What do you find yourself “in between” today?

How can you practice humility, and how might that help prepare you for your next transition?

Working for rest

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Working for rest

Hebrews 4:1–10

4 Therefore, while the promise of entering his rest is still open, let us take care that none of you should seem to have failed to reach it. 2 For indeed the good news came to us just as to them; but the message they heard did not benefit them, because they were not united by faith with those who listened. 3 For we who have believed enter that rest, just as God has said,

“As in my anger I swore,

‘They shall not enter my rest,’ ”

though his works were finished at the foundation of the world. 4 For in one place it speaks about the seventh day as follows, “And God rested on the seventh day from all his works.” 5 And again in this place it says, “They shall not enter my rest.” 6 Since therefore it remains open for some to enter it, and those who formerly received the good news failed to enter because of disobedience, 7 again he sets a certain day—“today”—saying through David much later, in the words already quoted,

“Today, if you hear his voice,

do not harden your hearts.”

8 For if Joshua had given them rest, God would not speak later about another day. 9 So then, a sabbath rest still remains for the people of God; 10 for those who enter God’s rest also cease from their labors as God did from his.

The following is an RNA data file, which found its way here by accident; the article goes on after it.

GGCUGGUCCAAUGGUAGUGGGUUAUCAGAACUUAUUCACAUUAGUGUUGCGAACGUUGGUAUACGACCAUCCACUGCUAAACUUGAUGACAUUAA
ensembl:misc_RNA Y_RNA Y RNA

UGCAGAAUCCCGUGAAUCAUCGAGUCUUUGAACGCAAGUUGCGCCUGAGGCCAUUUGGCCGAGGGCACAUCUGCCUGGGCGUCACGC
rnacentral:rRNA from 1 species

The Holy Bible: New Revised Standard Version. (1989). (Heb 4:1–10). Nashville: Thomas Nelson Publishers.

What if each of our lives were works of art painted across the canvas of time? At the end of time, all the artwork would be revealed as God’s great art show. Jesus, the master painter would be there to celebrate the work of all His students. What a glorious and beautiful thing that could be!

We, created in God’s image are creators as well. We take the material God gives us and make new things, shaping our lives to suit our desires. Being God’s craftsmen and women, we all have a desire to look upon our creations and see that they are good. Upon completion, we, like God, would love to look back and say that it is all very good. The time of Sabbath rest following that judgment is not just because we often get tired trudging through the work of life. The rest is a time to celebrate the work we have accomplished with God.

If we choose not to work, or to work poorly however, we will have nothing to celebrate. Indeed, it may bring shame upon us to look back upon our lives. What can I do if my life is not a thing of beauty and goodness? I can ask for help.

Jesus, the master painter is always there to lead and guide us, helping us to grow as an artist of life. He freely gives knowledge and wisdom to those who seek Him. He leads and disciplines us in the practices of life. Although we can learn these things from others as well, it is Jesus alone who can also wipe our canvas clean, taking our mistakes upon Himself, where He can transform them into something beautiful. In Jesus, God has come to us and created a painting of painters, a photograph of photographers, a symphony of composers, and a book of authors – all telling His own story. Is that not what the Bible is itself? A book of authors, all telling part of God’s story?

What is your part in God’s work of art?

God’s War on Terror

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God’s War on Terror

Deuteronomy 7:17–26